UC Berkeley to allow formal instruction during part of Reading, Review, Recitation Week

Karen Chow/Senior Staff

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UC Berkeley has decided to allow formal instruction during the Monday and Tuesday of Reading, Review and Recitation Week, or RRR week — commonly referred to as “dead week” — to make up for lost class time after the campus canceled instruction because of poor air quality.

RRR week was instituted to allow students time to write papers, work on projects and study before their final exams. While it is officially the last week of instruction, ordinarily no formal instruction takes place — mandatory classes may not be held and new material may not be introduced. This year, the campus will allow formal instruction during the first two days of RRR week in order to counteract lost time from the cancellation of classes between Nov. 15 and 20, according to campus spokesperson Dan Mogulof.

The campus community was informed of the change to RRR week through emails sent Monday. In the letters sent to students and faculty, administrators said the decision to allow formal instruction for the first two days of RRR week was made by the Academic Senate Committee on Courses of Instruction, or COCI — the body that reviews, coordinates and takes final action on all matters relating to courses of instruction.

According to the email sent to faculty and instructors, using part of RRR week to make up for lost class time “coheres with stated COCI policy.”

“There is a strong preference from COCI that only Monday and Tuesday be used for makeup so that students have sufficient time to prepare for final examinations and complete projects and presentations normally scheduled for RRR week,” said the letter sent to campus faculty and instructors Monday.

The letter added that some scheduling conflicts will not be avoidable, and instructors can meet their educational goals through methods such as adding office hours or supplemental material via bCourses.

Administrators also encouraged faculty to implement any instructional measures in a “flexible manner” so that all parties can adapt to the new circumstances.

“We understand the additional burden placed on both instructors and students by the cancellation of classes and makeup work,” the administrators said in the email. “We have been heartened by the broad support across the Berkeley community for the well-being of our students during this challenging time, and take this opportunity to thank each and every one of you for your commitment and professional dedication.”

The decision to allow formal instruction time during part of RRR week came after the campus decided to cancel classes beginning Thursday because of poor air quality from the Butte County Camp Fire.

According to Mogulof, the administration consulted weather and air quality forecasts, including air quality index data. The administration also received guidance from campus medical and environmental experts as well as the Academic Senate in determining the cancellation of classes.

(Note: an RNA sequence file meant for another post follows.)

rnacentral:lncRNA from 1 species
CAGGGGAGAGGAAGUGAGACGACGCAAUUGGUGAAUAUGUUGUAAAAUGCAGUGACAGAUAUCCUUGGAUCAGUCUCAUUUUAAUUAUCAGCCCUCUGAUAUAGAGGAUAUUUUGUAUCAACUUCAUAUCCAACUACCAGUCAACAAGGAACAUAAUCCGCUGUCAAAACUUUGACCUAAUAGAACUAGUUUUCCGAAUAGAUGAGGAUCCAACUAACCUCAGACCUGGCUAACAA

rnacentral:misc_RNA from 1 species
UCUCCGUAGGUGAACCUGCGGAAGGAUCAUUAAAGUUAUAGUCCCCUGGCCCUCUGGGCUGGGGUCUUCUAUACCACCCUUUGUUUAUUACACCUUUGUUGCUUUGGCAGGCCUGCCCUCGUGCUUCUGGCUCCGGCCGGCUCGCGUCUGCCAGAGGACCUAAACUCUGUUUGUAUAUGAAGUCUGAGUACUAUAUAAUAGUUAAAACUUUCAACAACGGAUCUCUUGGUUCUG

On Sunday, UC Berkeley Chancellor Carol Christ extended the cancellation, informing the campus that classes would not take place on the Monday and Tuesday before the Thanksgiving academic and administrative holiday.

“For the Sunday decision, we also took into account the proximity of the holiday break — students need to make travel plans — and reports that many students had already departed campus,” Mogulof said.

Mogulof added that the campus decision-making process relied on numerous factors and “expert” guidance, given that it was managing a “dynamic and at times hard-to-predict” situation.

The campus operated normally Monday and will continue to do so Tuesday, with a few exceptions. Campus restaurants such as Brown’s, Common Grounds, Terrace Cafe and The Pro Shop will be closed. The Martin Luther King Jr. Student Union will operate with shortened hours from 7 a.m. to 9 p.m.

According to Christ’s Sunday email, certain buildings on campus provide some relief from the poor outside air. The East Asian Library, Gardner Main Stacks, the Haas School of Business complex and the Law Library are among the buildings with the best air-filtration systems, providing 20 to 40 percent better air than outside conditions.

In the email, Christ also encouraged anyone particularly susceptible to degraded air quality to remain indoors.

The ASUC has also remained active throughout the weekend by distributing masks Thursday and Friday to help protect students from the smoke.

“We were continually advocating for the cancellation of classes and prioritization of student health,” said ASUC External Affairs Vice President Nuha Khalfay in an email. “I think we helped folks protect themselves from the smoke via masks, and provided information about the masks as well as regular updates on the situation with cancellation of classes.”

Students have reported feeling numerous health effects from the poor air quality such as coughing, difficulty breathing and lower moods.

Campus sophomore Josie Christon said she remained indoors to study this weekend and had to rely on her inhaler for the first time in a while.

“The air quality is really not great,” Christon said. “I think it was a good decision to cancel classes, especially because I know a lot of people have already left. Most of my professors had canceled quizzes and other things, anyways.”

Contact Stanley von Ehrenstein-Smith and Sophia Brown-Heidenreich at [email protected].

Clarification(s):
A previous version of this article may have implied that the campus does not usually allow any instruction during Reading, Review and Recitation week. In fact, it does not allow formal instruction that week, but instructors are authorized to hold optional classes or review sessions during that time.